Many of the current American ideals about the way Christmas ought to be derive from the English Victorian Christmas, such as that described in Charles Dickens' A Christmas Carol. The caroling, the gifts, the feast, and the wishing of good cheer to all - these ingredients came together to create that special Christmas atmosphere.
The custom of gift-giving on Christmas dates only to Victorian times. Before then it was more common to exchange gifts on New Year's Day or Twelfth Night. Santa Claus is known by British children as Father Christmas. Father Christmas, these days, is quite similar to the American Santa, but his direct ancestor is a certain pagan spirit who regularly appeared in medieval mummer's plays. The old-fashioned Father Christmas was depicted wearing long robes with sprigs of holly in his long white hair. Children write letters to Father Christmas detailing their requests, but instead of dropping them in the mailbox, the letters are tossed into the fireplace. The draft carries the letters up the chimney, and theoretically, Father Christmas reads the smoke. Gifts are opened Christmas afternoon.
From the English we get a story to explain the custom of hanging stockings from the mantelpiece. Father Christmas once dropped some gold coins while coming down the chimney. The coins would have fallen through the ash grate and been lost if they hadn't landed in a stocking that had been hung out to dry. Since that time children have continued to hang out stockings in hopes of finding them filled with gifts.
The custom of singing carols at Christmas is also of English origin. During the middle ages, groups of serenades called "waits" would travel around from house to house singing ancient carols and spreading the holiday spirit. The word "carol" means "song of joy." Most of the popular old carols we sing today were written in the nineteenth century.
The hanging of greens, such as holly and ivy, is a British winter tradition with origins far before the Christian era. Greenery was probably used to lift sagging winter spirits and remind the people that spring was not far away. The custom of kissing under the mistletoe is descended from ancient Druid rites. The decorating of Christmas trees, though primarily a German custom, has been widely popular in England since 1841 when Prince Albert had a Christmas tree set up in Windsor Castle for his wife Queen Victoria, and their children.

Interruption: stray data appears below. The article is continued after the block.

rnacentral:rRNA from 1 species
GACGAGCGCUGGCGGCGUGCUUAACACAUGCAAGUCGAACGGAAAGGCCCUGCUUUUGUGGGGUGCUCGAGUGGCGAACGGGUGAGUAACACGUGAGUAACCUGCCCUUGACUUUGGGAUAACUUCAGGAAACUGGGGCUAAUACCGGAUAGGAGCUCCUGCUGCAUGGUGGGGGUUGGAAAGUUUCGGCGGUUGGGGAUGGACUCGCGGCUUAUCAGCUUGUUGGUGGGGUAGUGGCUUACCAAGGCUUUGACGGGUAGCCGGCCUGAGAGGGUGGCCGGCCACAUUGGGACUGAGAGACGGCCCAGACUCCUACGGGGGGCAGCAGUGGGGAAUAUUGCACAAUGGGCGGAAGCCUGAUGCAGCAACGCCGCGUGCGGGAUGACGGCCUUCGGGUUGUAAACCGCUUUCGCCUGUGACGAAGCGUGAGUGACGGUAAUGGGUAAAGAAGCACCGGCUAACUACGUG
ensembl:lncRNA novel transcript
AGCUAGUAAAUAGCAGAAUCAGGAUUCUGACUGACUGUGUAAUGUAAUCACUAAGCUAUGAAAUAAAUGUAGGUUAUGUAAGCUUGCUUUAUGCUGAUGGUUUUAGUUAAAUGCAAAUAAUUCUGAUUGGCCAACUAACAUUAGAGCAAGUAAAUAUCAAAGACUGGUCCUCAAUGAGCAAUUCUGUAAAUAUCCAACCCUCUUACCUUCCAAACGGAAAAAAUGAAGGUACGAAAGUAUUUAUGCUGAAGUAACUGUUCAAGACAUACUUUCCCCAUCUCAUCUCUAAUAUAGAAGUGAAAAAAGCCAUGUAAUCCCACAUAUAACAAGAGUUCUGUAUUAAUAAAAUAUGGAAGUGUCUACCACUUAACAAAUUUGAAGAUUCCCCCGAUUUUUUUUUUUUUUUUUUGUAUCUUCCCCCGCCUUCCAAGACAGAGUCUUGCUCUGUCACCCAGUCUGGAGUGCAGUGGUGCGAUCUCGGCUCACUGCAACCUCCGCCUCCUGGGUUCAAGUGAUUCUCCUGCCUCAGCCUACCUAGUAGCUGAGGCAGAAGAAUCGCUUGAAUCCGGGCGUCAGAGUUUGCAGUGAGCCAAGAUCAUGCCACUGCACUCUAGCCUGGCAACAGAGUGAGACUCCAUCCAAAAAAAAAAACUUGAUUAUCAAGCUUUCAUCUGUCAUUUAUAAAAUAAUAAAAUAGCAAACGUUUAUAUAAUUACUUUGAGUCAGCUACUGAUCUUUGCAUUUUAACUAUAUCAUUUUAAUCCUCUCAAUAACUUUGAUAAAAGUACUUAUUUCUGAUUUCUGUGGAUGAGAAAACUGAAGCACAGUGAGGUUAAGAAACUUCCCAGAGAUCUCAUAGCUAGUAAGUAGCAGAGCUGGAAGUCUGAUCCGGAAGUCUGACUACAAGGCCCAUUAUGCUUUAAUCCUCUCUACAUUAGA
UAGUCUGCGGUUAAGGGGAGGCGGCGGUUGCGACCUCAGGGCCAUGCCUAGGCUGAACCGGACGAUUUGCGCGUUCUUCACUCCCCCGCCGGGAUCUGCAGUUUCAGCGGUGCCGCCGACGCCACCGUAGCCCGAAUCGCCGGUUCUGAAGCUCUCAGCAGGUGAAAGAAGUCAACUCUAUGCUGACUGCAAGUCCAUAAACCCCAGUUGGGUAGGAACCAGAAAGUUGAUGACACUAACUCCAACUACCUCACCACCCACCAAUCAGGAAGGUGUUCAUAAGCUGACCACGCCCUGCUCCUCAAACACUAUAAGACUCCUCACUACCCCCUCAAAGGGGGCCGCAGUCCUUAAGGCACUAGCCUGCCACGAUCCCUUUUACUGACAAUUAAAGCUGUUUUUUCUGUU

The word "wassail" is derived from the Anglo-Saxon phrase waes hael, which means "good health." Originally, wassail was a beverage made of mulled ale, curdled cream, roasted apples, nuts, eggs, and spices. It was served for the purpose of enhancing the general merriment of the season. Like many of the ancient customs, "wassailing" has a legend to explain its origin. It seems that a beautiful Saxon maiden named Rowena presented Prince Vortigen with a bowl of wine while toasting him with the words "Waes hael." Over the centuries a great deal of ceremony had developed around the custom of drinking wassail. The bowl is carried into a room with great fanfare, a traditional carol about the drink is sung, and finally, the steaming hot beverage is served.
For many years in England, a roasted boar's head was associated with Holiday feasting. The custom probably goes back to the Norse practice of sacrificing a boar at Yuletide in honor of the god Freyr. One story tells of a student at Oxford's Queen College who was attacked on Christmas Day by a wild boar. All he had in his hand to use as a weapon was his copy of Aristotle, so he shoved the book down the boar's throat. Wanting to retrieve his book, the student cut off the animal's head and brought it back to the college where it was served for Christmas dinner with much pomp and ceremony.
The celebration of Boxing Day, which takes place on December 26 - the feast of St. Stephen, is a part of the holiday season unique to Great Britain. Traditionally, it is on this day that the alms box at every English church is opened and the contents are distributed to the poor. Also, this is the day that servants traditionally got the day off to celebrate with their families. It became traditional for working people to break open their tip boxes on this day. Boxing Day began in the mid-nineteenth century when the custom of tipping by rich persons to persons in service positions had apparently gotten out of hand. Children and others pretended to be in the trades and solicited tips. The custom was expanded to giving to anyone and everyone who had less money than you did, and soon the streets at Christmastime were full of aggressive soliciting of tips. To contain the nuisance "Boxing Day" was designated as the one day for giving to the less fortunate.